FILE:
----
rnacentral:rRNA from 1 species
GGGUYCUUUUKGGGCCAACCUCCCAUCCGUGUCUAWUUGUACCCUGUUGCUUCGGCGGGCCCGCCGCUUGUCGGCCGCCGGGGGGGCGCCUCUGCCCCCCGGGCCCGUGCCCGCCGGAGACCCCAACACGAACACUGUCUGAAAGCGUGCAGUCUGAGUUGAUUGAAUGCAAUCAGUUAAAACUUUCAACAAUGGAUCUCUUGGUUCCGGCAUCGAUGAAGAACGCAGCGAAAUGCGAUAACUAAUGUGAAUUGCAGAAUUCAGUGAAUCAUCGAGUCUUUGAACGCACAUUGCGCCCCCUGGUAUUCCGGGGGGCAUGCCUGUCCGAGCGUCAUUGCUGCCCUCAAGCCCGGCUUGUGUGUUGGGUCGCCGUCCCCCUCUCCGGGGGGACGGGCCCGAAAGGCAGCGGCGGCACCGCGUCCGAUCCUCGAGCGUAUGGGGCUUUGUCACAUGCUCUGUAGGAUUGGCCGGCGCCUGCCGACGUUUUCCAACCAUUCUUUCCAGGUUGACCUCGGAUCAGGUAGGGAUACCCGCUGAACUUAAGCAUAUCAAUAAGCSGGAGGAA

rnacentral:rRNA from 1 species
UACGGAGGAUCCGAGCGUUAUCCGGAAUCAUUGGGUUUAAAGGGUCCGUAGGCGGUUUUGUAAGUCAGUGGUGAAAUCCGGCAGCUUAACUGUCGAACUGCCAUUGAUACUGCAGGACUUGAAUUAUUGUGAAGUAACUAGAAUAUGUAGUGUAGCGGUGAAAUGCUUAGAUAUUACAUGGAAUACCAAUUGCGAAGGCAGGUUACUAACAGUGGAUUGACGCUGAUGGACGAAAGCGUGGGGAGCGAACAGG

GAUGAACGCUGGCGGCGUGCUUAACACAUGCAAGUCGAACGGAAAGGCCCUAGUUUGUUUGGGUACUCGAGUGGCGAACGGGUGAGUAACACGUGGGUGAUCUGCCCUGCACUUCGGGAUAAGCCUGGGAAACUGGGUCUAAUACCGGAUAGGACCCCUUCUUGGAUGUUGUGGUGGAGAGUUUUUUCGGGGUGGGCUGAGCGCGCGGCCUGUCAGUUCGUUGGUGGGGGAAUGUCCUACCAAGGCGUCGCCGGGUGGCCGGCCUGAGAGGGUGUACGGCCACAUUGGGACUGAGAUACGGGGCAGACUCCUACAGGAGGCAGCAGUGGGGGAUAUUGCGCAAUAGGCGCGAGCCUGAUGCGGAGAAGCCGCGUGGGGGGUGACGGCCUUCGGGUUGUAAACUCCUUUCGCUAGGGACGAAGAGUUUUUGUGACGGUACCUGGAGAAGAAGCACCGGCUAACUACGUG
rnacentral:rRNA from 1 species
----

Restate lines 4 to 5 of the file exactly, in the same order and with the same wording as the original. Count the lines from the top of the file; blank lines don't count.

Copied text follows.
UACGGAGGAUCCGAGCGUUAUCCGGAAUCAUUGGGUUUAAAGGGUCCGUAGGCGGUUUUGUAAGUCAGUGGUGAAAUCCGGCAGCUUAACUGUCGAACUGCCAUUGAUACUGCAGGACUUGAAUUAUUGUGAAGUAACUAGAAUAUGUAGUGUAGCGGUGAAAUGCUUAGAUAUUACAUGGAAUACCAAUUGCGAAGGCAGGUUACUAACAGUGGAUUGACGCUGAUGGACGAAAGCGUGGGGAGCGAACAGG

GAUGAACGCUGGCGGCGUGCUUAACACAUGCAAGUCGAACGGAAAGGCCCUAGUUUGUUUGGGUACUCGAGUGGCGAACGGGUGAGUAACACGUGGGUGAUCUGCCCUGCACUUCGGGAUAAGCCUGGGAAACUGGGUCUAAUACCGGAUAGGACCCCUUCUUGGAUGUUGUGGUGGAGAGUUUUUUCGGGGUGGGCUGAGCGCGCGGCCUGUCAGUUCGUUGGUGGGGGAAUGUCCUACCAAGGCGUCGCCGGGUGGCCGGCCUGAGAGGGUGUACGGCCACAUUGGGACUGAGAUACGGGGCAGACUCCUACAGGAGGCAGCAGUGGGGGAUAUUGCGCAAUAGGCGCGAGCCUGAUGCGGAGAAGCCGCGUGGGGGGUGACGGCCUUCGGGUUGUAAACUCCUUUCGCUAGGGACGAAGAGUUUUUGUGACGGUACCUGGAGAAGAAGCACCGGCUAACUACGUG